Some folks think their stuff is solid gold. They never see my money.
Some folks know realistically what their stuff is worth, and sell accordingly. They did their research, they know the markets, and they know what comparable items are being sold for.
Others have no idea what they have in hand, so they highball the price hoping for an idiot.
I prefer to deal with the last two, as thats where the best deals are made for both parties.
Two points to ensure you NEVER do- call someone out as a liar on the value of their stuff, and never offer full price.
If i am intending to lowball them, i will preface it by leading into it with a question.
I will ask, "i know you're asking x for your widget, but the market is really soft. I like your widget, but from what i've seen, and please understand i don't intend to sound disrespectful, but x-40% is about what i'm thinking. What are your thoughts?"
This leads into negotiations, and you've softened it so they'll continue to negotiate with you.
Yes, it runs the risk of ticking them off, but most folks interested in selling, especially in this economy, want to negotiate to get their item sold.
It's a feel thing, and what i sense when talking with them.
How attached are they to the item?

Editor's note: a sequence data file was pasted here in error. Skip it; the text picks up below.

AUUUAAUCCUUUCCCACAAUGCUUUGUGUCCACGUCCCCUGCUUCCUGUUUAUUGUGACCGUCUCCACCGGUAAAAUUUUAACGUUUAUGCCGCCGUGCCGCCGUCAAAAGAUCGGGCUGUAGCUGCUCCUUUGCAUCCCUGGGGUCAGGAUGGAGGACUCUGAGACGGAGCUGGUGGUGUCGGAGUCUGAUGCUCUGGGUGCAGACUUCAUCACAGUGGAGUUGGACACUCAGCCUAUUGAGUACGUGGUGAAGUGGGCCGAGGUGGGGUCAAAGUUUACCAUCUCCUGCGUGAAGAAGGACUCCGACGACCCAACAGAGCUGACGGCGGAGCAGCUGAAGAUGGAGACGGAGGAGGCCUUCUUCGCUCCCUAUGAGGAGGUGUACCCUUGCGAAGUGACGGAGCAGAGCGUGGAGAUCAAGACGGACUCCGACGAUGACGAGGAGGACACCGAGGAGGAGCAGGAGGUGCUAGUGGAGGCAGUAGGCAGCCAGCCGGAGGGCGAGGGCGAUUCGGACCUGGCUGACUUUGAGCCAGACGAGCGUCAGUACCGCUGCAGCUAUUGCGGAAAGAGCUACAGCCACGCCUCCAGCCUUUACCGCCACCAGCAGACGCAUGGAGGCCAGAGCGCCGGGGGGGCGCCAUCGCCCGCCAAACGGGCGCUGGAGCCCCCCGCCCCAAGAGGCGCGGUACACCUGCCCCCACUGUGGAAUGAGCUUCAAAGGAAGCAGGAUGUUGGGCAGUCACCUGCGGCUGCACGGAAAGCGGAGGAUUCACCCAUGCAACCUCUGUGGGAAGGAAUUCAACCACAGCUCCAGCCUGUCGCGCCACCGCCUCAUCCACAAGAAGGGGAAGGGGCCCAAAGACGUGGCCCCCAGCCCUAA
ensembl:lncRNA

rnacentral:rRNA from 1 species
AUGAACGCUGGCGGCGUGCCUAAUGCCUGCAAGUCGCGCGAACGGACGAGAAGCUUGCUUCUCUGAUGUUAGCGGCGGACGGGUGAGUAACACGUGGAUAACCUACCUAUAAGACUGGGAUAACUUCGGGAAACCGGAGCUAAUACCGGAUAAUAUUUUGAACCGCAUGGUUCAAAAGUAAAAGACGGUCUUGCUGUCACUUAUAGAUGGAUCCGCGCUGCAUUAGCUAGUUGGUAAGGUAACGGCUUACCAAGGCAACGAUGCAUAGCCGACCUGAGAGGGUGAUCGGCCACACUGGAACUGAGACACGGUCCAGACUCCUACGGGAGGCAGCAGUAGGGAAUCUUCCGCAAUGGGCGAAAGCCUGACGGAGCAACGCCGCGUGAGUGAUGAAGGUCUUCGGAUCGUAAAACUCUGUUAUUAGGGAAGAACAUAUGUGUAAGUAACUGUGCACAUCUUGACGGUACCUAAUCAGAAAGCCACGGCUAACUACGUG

Are they in distress financially, compelling the sale?
Where is their motivation to sell the item coming from?
How pressed are they to sell it?
Be their friend, help them out, and you'll get the best deal possible.
 

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Great post. ^^^^

In this market, prices are *highly* negotiable.

Some key points not mentioned above - never insult the seller or the horse. Imply that of course the horse is wonderful, however, you're not able to pay what they're asking, even though of course it's totally justified.

The key to negotiating hard on price is limiting the negotiation on other parts of the deal. Offering cash, immediately, with no pre-purchase exam, no warranty and no delivery, will lead to the buyer being extremely flexible on price.

You can't negotiate much off the asking price and still expect to put a lot of conditions on the sale such as payment plan, pre-purchase trial, guarantee, etc.

In your situation, it sounds like you know the horse and know what you're getting, so that won't be much of an issue.